Per- and Poly-Fluoroalkyl Substances in Runoff and Leaching from AFFF-Contaminated Soils: a Rainfall Simulation Study

By Matthew J Richardson, Shervin Kabiri, Charles Grimison, Karl Bowles, Stephen Corish, Mark Chapman, and Michael J McLaughlin
Environ Sci Technol
November 10, 2022
DOI: 10.1021/acs.est.2c05377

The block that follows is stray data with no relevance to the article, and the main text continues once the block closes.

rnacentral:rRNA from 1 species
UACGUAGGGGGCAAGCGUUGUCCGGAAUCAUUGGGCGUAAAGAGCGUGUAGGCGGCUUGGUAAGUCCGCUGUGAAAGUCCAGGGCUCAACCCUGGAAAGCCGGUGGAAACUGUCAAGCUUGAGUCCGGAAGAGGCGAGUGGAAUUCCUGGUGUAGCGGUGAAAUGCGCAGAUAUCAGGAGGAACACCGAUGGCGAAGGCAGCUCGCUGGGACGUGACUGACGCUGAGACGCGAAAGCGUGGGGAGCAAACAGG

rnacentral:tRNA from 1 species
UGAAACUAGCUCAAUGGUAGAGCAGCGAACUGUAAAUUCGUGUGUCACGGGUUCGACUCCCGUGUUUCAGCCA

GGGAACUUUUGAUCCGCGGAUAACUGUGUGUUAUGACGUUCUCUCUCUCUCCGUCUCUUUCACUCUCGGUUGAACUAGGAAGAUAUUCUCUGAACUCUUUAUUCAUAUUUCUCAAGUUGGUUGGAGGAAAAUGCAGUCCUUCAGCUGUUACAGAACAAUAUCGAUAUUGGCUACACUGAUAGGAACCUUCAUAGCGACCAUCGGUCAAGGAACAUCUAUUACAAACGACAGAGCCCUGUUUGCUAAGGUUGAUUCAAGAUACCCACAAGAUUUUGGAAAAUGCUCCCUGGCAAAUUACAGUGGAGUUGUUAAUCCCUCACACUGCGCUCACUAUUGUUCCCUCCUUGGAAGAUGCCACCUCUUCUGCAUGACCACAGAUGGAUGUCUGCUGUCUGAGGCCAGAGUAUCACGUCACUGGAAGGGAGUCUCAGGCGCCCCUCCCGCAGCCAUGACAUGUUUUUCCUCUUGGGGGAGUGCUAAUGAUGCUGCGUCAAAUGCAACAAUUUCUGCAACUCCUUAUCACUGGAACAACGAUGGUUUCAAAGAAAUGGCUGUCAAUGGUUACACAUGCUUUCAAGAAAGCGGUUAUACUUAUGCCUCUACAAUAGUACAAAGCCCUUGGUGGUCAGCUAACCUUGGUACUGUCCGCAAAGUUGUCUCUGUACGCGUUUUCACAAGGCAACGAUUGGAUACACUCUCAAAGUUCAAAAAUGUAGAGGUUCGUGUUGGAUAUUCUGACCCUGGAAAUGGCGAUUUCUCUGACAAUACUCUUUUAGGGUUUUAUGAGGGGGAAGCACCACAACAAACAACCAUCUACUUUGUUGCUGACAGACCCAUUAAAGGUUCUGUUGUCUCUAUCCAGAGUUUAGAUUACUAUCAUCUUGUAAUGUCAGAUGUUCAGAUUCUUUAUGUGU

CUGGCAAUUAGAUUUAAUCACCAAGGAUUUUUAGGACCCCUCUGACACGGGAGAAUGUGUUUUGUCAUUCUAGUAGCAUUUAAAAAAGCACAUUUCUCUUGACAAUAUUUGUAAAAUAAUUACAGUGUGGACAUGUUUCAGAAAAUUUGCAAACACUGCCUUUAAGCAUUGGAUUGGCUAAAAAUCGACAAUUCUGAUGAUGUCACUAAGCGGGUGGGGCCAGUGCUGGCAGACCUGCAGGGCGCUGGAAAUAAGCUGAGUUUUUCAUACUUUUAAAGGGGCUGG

The mobilization and transport of per- and poly-fluoroalkyl substances (PFASs) via surface runoff (runoff) from aqueous film-forming foam (AFFF)-contaminated soils during rainfall, flooding, or irrigation has not been thoroughly evaluated, and the effectiveness of carbonaceous sorbents in limiting PFASs in runoff is similarly unquantified. Here, laboratory-scale rainfall simulations evaluate PFAS losses in runoff and in leaching to groundwater (leachate) from AFFF-contaminated soils varying in texture, PFAS composition and concentration, and remediation treatment. Leaching dominated PFAS losses in soils with a concentration of ∑PFAS = 0.2–2 mg/kg. However, with higher soil PFAS concentrations (∑PFAS = 31 mg/kg), leachate volumes were negligible and runoff dominated losses. The concentration and variety of PFASs were far greater in leachates regardless of the initial concentrations in soil. Losses of PFASs were dependent on the C-chain length for leachates and more on the initial concentration in soil for runoff. Suspended materials did not meaningfully contribute to runoff losses. While concentrations of most PFASs declined significantly after the first rainfall event, desorption and transport in both runoff and leachates persisted over several rainfall events. Finally, results showed that sorption to AC mostly occurred during, not prior to, rainfall events and that 1% w/w AC substantially reduced losses in runoff and leachates from all soils.


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